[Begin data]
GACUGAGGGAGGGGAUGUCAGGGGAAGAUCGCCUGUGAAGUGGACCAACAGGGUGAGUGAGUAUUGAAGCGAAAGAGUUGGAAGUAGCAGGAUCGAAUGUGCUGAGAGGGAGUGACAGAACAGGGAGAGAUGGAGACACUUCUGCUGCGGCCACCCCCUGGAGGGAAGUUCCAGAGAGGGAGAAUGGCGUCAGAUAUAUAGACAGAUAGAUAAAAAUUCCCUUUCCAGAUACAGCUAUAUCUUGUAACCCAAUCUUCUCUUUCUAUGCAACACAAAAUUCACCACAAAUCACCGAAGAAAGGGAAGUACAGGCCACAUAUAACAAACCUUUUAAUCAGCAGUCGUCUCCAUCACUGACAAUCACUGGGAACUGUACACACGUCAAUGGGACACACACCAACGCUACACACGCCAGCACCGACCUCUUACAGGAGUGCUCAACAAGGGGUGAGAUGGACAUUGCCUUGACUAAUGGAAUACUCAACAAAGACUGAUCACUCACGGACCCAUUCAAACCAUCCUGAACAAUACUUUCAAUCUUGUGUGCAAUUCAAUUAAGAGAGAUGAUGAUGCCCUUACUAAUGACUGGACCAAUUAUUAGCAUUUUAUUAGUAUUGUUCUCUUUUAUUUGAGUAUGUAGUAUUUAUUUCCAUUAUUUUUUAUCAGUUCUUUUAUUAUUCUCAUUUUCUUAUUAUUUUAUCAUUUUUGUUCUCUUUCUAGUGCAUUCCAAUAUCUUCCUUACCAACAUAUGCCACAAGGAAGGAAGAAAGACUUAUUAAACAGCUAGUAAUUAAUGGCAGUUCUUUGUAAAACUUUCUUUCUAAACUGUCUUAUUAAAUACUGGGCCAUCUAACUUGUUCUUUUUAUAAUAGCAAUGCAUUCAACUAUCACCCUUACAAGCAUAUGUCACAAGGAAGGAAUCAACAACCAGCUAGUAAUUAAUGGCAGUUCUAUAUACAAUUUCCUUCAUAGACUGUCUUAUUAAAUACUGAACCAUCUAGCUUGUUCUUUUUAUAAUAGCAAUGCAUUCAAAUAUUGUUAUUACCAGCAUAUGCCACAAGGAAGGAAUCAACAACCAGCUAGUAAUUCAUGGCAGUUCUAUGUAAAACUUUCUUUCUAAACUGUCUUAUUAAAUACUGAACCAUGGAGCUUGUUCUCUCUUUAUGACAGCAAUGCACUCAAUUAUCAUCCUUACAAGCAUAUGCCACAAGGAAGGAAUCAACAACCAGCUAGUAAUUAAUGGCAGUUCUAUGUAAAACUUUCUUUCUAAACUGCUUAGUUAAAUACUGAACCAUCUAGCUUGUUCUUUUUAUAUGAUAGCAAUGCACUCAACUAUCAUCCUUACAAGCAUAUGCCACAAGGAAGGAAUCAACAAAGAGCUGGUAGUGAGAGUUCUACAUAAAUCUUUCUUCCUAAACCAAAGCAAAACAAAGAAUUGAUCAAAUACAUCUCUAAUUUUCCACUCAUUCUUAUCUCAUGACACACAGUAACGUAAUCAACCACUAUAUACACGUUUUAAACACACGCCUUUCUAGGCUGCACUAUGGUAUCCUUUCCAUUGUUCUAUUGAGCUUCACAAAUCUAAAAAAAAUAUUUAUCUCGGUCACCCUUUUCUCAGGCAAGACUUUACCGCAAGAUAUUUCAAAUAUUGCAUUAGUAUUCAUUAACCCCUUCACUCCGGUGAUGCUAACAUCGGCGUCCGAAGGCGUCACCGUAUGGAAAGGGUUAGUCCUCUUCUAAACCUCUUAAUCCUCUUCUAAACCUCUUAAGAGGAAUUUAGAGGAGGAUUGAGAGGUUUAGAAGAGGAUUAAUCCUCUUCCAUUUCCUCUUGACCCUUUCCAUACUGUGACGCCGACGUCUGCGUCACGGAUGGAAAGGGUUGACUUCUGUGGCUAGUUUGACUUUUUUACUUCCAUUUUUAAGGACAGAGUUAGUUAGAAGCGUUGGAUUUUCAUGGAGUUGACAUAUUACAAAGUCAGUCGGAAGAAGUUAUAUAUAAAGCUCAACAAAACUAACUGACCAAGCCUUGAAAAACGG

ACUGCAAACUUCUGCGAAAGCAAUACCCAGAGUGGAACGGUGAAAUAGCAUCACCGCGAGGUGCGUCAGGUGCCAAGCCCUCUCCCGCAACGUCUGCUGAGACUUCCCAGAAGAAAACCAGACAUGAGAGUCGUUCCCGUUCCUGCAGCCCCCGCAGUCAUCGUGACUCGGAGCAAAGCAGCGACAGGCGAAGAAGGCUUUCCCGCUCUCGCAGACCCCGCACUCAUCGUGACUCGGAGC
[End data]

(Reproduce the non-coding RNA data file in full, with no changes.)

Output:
GACUGAGGGAGGGGAUGUCAGGGGAAGAUCGCCUGUGAAGUGGACCAACAGGGUGAGUGAGUAUUGAAGCGAAAGAGUUGGAAGUAGCAGGAUCGAAUGUGCUGAGAGGGAGUGACAGAACAGGGAGAGAUGGAGACACUUCUGCUGCGGCCACCCCCUGGAGGGAAGUUCCAGAGAGGGAGAAUGGCGUCAGAUAUAUAGACAGAUAGAUAAAAAUUCCCUUUCCAGAUACAGCUAUAUCUUGUAACCCAAUCUUCUCUUUCUAUGCAACACAAAAUUCACCACAAAUCACCGAAGAAAGGGAAGUACAGGCCACAUAUAACAAACCUUUUAAUCAGCAGUCGUCUCCAUCACUGACAAUCACUGGGAACUGUACACACGUCAAUGGGACACACACCAACGCUACACACGCCAGCACCGACCUCUUACAGGAGUGCUCAACAAGGGGUGAGAUGGACAUUGCCUUGACUAAUGGAAUACUCAACAAAGACUGAUCACUCACGGACCCAUUCAAACCAUCCUGAACAAUACUUUCAAUCUUGUGUGCAAUUCAAUUAAGAGAGAUGAUGAUGCCCUUACUAAUGACUGGACCAAUUAUUAGCAUUUUAUUAGUAUUGUUCUCUUUUAUUUGAGUAUGUAGUAUUUAUUUCCAUUAUUUUUUAUCAGUUCUUUUAUUAUUCUCAUUUUCUUAUUAUUUUAUCAUUUUUGUUCUCUUUCUAGUGCAUUCCAAUAUCUUCCUUACCAACAUAUGCCACAAGGAAGGAAGAAAGACUUAUUAAACAGCUAGUAAUUAAUGGCAGUUCUUUGUAAAACUUUCUUUCUAAACUGUCUUAUUAAAUACUGGGCCAUCUAACUUGUUCUUUUUAUAAUAGCAAUGCAUUCAACUAUCACCCUUACAAGCAUAUGUCACAAGGAAGGAAUCAACAACCAGCUAGUAAUUAAUGGCAGUUCUAUAUACAAUUUCCUUCAUAGACUGUCUUAUUAAAUACUGAACCAUCUAGCUUGUUCUUUUUAUAAUAGCAAUGCAUUCAAAUAUUGUUAUUACCAGCAUAUGCCACAAGGAAGGAAUCAACAACCAGCUAGUAAUUCAUGGCAGUUCUAUGUAAAACUUUCUUUCUAAACUGUCUUAUUAAAUACUGAACCAUGGAGCUUGUUCUCUCUUUAUGACAGCAAUGCACUCAAUUAUCAUCCUUACAAGCAUAUGCCACAAGGAAGGAAUCAACAACCAGCUAGUAAUUAAUGGCAGUUCUAUGUAAAACUUUCUUUCUAAACUGCUUAGUUAAAUACUGAACCAUCUAGCUUGUUCUUUUUAUAUGAUAGCAAUGCACUCAACUAUCAUCCUUACAAGCAUAUGCCACAAGGAAGGAAUCAACAAAGAGCUGGUAGUGAGAGUUCUACAUAAAUCUUUCUUCCUAAACCAAAGCAAAACAAAGAAUUGAUCAAAUACAUCUCUAAUUUUCCACUCAUUCUUAUCUCAUGACACACAGUAACGUAAUCAACCACUAUAUACACGUUUUAAACACACGCCUUUCUAGGCUGCACUAUGGUAUCCUUUCCAUUGUUCUAUUGAGCUUCACAAAUCUAAAAAAAAUAUUUAUCUCGGUCACCCUUUUCUCAGGCAAGACUUUACCGCAAGAUAUUUCAAAUAUUGCAUUAGUAUUCAUUAACCCCUUCACUCCGGUGAUGCUAACAUCGGCGUCCGAAGGCGUCACCGUAUGGAAAGGGUUAGUCCUCUUCUAAACCUCUUAAUCCUCUUCUAAACCUCUUAAGAGGAAUUUAGAGGAGGAUUGAGAGGUUUAGAAGAGGAUUAAUCCUCUUCCAUUUCCUCUUGACCCUUUCCAUACUGUGACGCCGACGUCUGCGUCACGGAUGGAAAGGGUUGACUUCUGUGGCUAGUUUGACUUUUUUACUUCCAUUUUUAAGGACAGAGUUAGUUAGAAGCGUUGGAUUUUCAUGGAGUUGACAUAUUACAAAGUCAGUCGGAAGAAGUUAUAUAUAAAGCUCAACAAAACUAACUGACCAAGCCUUGAAAAACGG

ACUGCAAACUUCUGCGAAAGCAAUACCCAGAGUGGAACGGUGAAAUAGCAUCACCGCGAGGUGCGUCAGGUGCCAAGCCCUCUCCCGCAACGUCUGCUGAGACUUCCCAGAAGAAAACCAGACAUGAGAGUCGUUCCCGUUCCUGCAGCCCCCGCAGUCAUCGUGACUCGGAGCAAAGCAGCGACAGGCGAAGAAGGCUUUCCCGCUCUCGCAGACCCCGCACUCAUCGUGACUCGGAGC